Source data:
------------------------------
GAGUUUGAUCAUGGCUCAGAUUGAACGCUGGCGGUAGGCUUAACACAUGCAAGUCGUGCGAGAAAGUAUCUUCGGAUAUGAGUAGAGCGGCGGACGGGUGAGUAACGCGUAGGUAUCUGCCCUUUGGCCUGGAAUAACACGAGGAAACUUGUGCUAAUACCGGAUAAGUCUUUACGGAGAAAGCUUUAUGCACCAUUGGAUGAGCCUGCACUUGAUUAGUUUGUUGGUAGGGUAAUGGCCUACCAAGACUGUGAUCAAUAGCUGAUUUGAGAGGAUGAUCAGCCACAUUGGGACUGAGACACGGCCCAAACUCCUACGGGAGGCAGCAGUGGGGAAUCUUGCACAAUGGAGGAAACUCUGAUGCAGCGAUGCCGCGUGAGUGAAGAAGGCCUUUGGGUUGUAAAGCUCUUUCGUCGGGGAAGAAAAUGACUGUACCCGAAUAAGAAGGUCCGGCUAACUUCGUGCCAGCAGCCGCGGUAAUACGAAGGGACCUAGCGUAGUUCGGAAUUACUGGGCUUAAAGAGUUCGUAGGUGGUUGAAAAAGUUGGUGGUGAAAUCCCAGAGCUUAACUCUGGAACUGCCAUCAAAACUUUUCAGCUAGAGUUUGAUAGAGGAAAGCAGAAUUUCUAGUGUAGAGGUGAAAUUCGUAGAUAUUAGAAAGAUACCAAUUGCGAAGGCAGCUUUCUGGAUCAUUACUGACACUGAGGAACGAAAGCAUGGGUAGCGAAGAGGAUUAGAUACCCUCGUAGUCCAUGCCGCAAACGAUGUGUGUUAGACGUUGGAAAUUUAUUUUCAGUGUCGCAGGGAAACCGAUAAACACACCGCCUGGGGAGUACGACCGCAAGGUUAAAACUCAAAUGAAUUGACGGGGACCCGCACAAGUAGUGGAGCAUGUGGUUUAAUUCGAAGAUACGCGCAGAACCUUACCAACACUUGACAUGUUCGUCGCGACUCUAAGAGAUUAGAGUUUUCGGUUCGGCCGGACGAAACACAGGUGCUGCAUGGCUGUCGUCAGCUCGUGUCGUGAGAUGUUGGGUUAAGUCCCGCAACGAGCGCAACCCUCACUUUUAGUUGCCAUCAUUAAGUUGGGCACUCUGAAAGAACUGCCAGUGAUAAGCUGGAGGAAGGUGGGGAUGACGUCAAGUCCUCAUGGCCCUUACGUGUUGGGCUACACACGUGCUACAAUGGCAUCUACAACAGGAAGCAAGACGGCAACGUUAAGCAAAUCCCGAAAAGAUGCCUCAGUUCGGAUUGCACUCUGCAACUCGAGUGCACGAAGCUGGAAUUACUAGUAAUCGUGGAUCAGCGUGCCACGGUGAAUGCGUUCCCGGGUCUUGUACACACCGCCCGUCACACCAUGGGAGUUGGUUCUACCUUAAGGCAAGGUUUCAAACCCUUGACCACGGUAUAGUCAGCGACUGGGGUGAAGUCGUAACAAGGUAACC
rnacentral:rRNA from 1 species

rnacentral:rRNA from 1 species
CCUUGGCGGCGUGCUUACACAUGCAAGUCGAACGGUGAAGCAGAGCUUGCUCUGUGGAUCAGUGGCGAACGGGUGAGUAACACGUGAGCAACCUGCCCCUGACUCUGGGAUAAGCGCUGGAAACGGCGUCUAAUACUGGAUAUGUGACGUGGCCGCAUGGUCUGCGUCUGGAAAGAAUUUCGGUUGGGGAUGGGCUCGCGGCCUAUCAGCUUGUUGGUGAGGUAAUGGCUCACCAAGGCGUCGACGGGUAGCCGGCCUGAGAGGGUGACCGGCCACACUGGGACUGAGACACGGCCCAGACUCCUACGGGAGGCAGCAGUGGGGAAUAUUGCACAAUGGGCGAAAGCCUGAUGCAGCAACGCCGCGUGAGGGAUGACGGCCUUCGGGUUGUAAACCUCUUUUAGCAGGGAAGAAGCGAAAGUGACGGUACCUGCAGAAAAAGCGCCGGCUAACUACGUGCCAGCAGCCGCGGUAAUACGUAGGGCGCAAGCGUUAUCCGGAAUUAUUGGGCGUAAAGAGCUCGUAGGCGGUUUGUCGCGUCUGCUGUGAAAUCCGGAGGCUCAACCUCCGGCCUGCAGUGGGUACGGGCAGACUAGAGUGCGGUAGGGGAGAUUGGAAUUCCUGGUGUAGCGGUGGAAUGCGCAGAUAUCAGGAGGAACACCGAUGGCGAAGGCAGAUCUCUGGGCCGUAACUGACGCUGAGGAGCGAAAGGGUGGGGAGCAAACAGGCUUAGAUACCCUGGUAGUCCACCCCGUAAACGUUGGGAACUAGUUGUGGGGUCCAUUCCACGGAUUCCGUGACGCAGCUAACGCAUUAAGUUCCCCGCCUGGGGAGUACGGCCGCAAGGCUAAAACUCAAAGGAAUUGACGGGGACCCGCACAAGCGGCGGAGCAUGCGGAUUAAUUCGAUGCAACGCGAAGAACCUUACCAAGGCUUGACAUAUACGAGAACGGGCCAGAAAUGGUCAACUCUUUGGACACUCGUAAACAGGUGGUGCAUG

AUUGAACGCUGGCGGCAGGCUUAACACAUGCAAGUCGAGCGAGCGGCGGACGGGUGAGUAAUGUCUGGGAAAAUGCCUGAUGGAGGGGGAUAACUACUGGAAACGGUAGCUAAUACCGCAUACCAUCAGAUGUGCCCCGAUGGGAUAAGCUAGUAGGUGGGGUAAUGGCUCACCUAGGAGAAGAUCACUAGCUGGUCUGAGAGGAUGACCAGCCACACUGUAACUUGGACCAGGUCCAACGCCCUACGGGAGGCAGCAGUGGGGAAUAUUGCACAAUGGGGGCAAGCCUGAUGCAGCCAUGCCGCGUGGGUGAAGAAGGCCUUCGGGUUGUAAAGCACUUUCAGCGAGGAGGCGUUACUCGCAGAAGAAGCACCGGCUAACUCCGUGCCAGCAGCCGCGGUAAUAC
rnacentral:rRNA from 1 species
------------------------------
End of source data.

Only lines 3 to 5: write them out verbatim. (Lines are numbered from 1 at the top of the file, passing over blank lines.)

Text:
rnacentral:rRNA from 1 species
CCUUGGCGGCGUGCUUACACAUGCAAGUCGAACGGUGAAGCAGAGCUUGCUCUGUGGAUCAGUGGCGAACGGGUGAGUAACACGUGAGCAACCUGCCCCUGACUCUGGGAUAAGCGCUGGAAACGGCGUCUAAUACUGGAUAUGUGACGUGGCCGCAUGGUCUGCGUCUGGAAAGAAUUUCGGUUGGGGAUGGGCUCGCGGCCUAUCAGCUUGUUGGUGAGGUAAUGGCUCACCAAGGCGUCGACGGGUAGCCGGCCUGAGAGGGUGACCGGCCACACUGGGACUGAGACACGGCCCAGACUCCUACGGGAGGCAGCAGUGGGGAAUAUUGCACAAUGGGCGAAAGCCUGAUGCAGCAACGCCGCGUGAGGGAUGACGGCCUUCGGGUUGUAAACCUCUUUUAGCAGGGAAGAAGCGAAAGUGACGGUACCUGCAGAAAAAGCGCCGGCUAACUACGUGCCAGCAGCCGCGGUAAUACGUAGGGCGCAAGCGUUAUCCGGAAUUAUUGGGCGUAAAGAGCUCGUAGGCGGUUUGUCGCGUCUGCUGUGAAAUCCGGAGGCUCAACCUCCGGCCUGCAGUGGGUACGGGCAGACUAGAGUGCGGUAGGGGAGAUUGGAAUUCCUGGUGUAGCGGUGGAAUGCGCAGAUAUCAGGAGGAACACCGAUGGCGAAGGCAGAUCUCUGGGCCGUAACUGACGCUGAGGAGCGAAAGGGUGGGGAGCAAACAGGCUUAGAUACCCUGGUAGUCCACCCCGUAAACGUUGGGAACUAGUUGUGGGGUCCAUUCCACGGAUUCCGUGACGCAGCUAACGCAUUAAGUUCCCCGCCUGGGGAGUACGGCCGCAAGGCUAAAACUCAAAGGAAUUGACGGGGACCCGCACAAGCGGCGGAGCAUGCGGAUUAAUUCGAUGCAACGCGAAGAACCUUACCAAGGCUUGACAUAUACGAGAACGGGCCAGAAAUGGUCAACUCUUUGGACACUCGUAAACAGGUGGUGCAUG

AUUGAACGCUGGCGGCAGGCUUAACACAUGCAAGUCGAGCGAGCGGCGGACGGGUGAGUAAUGUCUGGGAAAAUGCCUGAUGGAGGGGGAUAACUACUGGAAACGGUAGCUAAUACCGCAUACCAUCAGAUGUGCCCCGAUGGGAUAAGCUAGUAGGUGGGGUAAUGGCUCACCUAGGAGAAGAUCACUAGCUGGUCUGAGAGGAUGACCAGCCACACUGUAACUUGGACCAGGUCCAACGCCCUACGGGAGGCAGCAGUGGGGAAUAUUGCACAAUGGGGGCAAGCCUGAUGCAGCCAUGCCGCGUGGGUGAAGAAGGCCUUCGGGUUGUAAAGCACUUUCAGCGAGGAGGCGUUACUCGCAGAAGAAGCACCGGCUAACUCCGUGCCAGCAGCCGCGGUAAUAC